According to BIS Shrapnel’s Long Term Forecast 2014-2029 report, which was released today [Wednesday], the country’s economy is set for its weakest four-year period since the early 1990s-recession.
While GDP will average 3% annually, thanks to strong mining production and exports, soft employment growth [of just 668,000 jobs over the next four years] will act to stymie domestic demand.
BIS Shrapnel senior economist Richard Robinson said there will be a slow, difficult transition from an economy driven by a huge resources construction boom back to a balanced economy.
“Also, the high dollar undermined the competitiveness of domestic trade-exposed industry, inducing structural change as we tilted the economy towards servicing high levels of mining investment.”
But the resources boom has now peaked, and its decline over the next four years will be a major negative to growth – although increased mining output and exports flowing from the boom will act to offset this slightly.
Robinson said the next set of growth drivers, which will take over from mining investment and rebalance the economy, will be slow to come through.
Australia’s stubbornly high dollar is acting as a major roadblock to a pickup in growth – because it needs to fall below US 80 cents to benefit the economy, he added.
“It will be tightening capacity, as the dollar gradually falls, and improved confidence that drives a recovery in non-mining business investment. But that, we believe, is at least 12 to 18 months away.”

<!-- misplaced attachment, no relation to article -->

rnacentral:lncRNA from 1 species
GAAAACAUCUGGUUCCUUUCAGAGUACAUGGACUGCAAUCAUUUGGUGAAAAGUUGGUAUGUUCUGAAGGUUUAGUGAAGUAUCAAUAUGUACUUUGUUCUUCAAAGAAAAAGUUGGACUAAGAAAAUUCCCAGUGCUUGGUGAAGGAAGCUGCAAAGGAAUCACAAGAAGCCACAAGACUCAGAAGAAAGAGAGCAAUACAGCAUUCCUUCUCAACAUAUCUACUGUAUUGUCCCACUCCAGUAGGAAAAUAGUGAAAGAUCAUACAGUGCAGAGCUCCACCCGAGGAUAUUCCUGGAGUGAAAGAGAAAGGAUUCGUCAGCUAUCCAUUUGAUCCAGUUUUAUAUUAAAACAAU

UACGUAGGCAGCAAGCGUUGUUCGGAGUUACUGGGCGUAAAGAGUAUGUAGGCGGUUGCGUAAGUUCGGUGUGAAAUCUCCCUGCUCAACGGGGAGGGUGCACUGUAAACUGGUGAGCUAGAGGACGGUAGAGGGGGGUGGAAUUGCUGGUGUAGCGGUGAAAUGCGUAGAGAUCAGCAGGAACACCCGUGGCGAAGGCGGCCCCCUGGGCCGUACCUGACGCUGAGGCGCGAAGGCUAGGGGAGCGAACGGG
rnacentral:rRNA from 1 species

In the interim, it is housing investment and net exports which will act as the key drivers of real GDP growth.
Robinson said the long-awaited recovery in dwelling investment is now entrenched, after a delay due to weak housing market sentiment and excessive caution by investors.
“The expectation of low interest rates for an extended period, combined with a substantial deficiency of residential stock, is driving a solid increase in dwellings building.”
While this will help build momentum, the recovery will not be uniform with sizeable stock deficiencies set to drive certain markets – particularly in parts of Queensland and New South Wales.
However, the next four years will be tough largely due to a cumulative 40% decline in resources investment, Robinson said.
“Put simply, there will not be enough non-mining investment to replace the loss of mining investment over the next four years… Loss of jobs associated with mining investment will keep employment growth subdued.”
On a brighter note, the report forecasts interest rates to remain at current low levels over 2014/15, with only modest rate rises in the next cycle.
Further, it predicts strong growth will resume later this decade, with GDP and domestic demand growth lifting to around 3.5% in 2018/19 and strengthening through to early next decade.
The expected lower dollar will be a key element of that, with another round of mining projects, further public investment and a renewed upturn in housing and non-dwelling building also contributing.